There’s never a dull moment in Lebanon. It’s sometimes good, sometimes bad, but life is never boring. With a civilisation dating back to the seafaring Phoenicians, its location in the Levant region bordering the Mediterranean Sea has afforded it a uniquely diverse culture. Beirut has long been a multicultural city, at one time or another occupied by the French, Greeks, Romans, Ottoman Turks and Arabs. However, conflict has never been too far away and war plays a central role in Skies of Lebanon.
Desperate to leave her Swiss homeland and overbearing parents behind, Alice (Alba Rohrwacher) jumps at the chance to go to Beirut. She soon falls in love with the warm and vibrant city. In a café one day the young woman meets Joseph Kamar (Wajdi Mouawad), an astrophysicist intent on sending the first Lebanese rocket into space. The pair fall hit it off and soon get married, forming part of a larger family unit, but years later war casts a shadow over their happiness.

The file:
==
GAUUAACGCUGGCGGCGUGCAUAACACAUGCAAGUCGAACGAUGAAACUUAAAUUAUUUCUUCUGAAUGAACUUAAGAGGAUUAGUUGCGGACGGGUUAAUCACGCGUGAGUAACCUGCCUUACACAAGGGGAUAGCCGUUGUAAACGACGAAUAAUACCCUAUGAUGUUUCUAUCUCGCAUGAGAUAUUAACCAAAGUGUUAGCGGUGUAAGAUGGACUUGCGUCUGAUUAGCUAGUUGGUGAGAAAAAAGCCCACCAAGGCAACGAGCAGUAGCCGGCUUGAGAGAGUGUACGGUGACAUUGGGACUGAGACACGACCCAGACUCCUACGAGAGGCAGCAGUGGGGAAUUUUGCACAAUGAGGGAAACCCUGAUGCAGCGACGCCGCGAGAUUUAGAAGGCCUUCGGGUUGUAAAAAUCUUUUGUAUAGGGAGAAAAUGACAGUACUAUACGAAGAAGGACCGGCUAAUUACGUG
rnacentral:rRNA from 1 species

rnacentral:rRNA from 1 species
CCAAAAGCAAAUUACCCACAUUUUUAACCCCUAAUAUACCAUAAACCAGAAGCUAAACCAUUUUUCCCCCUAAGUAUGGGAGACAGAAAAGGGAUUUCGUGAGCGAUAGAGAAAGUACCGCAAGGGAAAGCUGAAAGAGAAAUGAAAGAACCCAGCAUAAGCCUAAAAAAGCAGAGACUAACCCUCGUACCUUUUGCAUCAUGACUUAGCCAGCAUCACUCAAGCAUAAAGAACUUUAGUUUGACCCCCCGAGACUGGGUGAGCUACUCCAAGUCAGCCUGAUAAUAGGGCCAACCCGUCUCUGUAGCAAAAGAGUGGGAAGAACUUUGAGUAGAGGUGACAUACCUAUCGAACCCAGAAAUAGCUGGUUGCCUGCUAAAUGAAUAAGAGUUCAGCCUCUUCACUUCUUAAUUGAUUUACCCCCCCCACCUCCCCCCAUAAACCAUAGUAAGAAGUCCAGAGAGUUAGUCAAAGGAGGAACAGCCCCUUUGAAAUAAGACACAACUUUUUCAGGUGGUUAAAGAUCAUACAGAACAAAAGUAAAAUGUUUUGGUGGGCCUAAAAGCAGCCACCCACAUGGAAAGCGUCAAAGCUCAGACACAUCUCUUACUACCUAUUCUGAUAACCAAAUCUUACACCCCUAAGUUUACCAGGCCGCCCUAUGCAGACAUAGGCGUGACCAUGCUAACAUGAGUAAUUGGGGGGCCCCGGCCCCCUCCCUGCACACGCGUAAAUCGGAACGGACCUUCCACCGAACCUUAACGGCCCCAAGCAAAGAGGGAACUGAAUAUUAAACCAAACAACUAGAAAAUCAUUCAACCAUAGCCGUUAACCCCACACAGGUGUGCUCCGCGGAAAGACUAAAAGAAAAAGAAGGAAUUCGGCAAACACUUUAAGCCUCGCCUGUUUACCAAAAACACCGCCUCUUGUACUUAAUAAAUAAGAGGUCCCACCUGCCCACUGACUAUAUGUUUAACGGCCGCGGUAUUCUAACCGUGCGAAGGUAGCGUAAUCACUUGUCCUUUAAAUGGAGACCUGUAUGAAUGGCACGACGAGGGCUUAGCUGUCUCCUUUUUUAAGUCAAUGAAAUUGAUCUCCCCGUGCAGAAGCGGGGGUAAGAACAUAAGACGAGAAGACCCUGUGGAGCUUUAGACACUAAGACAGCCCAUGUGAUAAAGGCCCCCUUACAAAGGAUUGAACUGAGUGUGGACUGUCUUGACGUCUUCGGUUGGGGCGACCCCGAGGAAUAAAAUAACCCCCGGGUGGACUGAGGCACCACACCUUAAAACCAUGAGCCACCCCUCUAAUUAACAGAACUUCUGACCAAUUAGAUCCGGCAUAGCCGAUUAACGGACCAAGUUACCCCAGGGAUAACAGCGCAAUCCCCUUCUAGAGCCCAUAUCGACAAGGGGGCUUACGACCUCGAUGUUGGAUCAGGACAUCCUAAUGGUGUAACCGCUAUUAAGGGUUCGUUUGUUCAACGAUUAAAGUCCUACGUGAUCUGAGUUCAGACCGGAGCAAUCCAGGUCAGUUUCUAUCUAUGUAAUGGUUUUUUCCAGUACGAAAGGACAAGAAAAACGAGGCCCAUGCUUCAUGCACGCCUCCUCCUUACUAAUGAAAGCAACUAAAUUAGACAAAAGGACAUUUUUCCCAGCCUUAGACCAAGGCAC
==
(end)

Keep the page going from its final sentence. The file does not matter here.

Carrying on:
The joy of Skies of Lebanon is in its intricate creation. Cinematography bathed in vivid hues melds with animation and a plethora of different styles. Director Chloé Mazlo uses a background in graphic design, family history and a seemingly fertile imagination to produce a visually memorable portrait of family life during wartime. The story doesn’t quite keep pace with this inventiveness but nevertheless Skies of Lebanon is an assured and entertaining drama.
Skies of Lebanon screens at Edinburgh International Film Festival.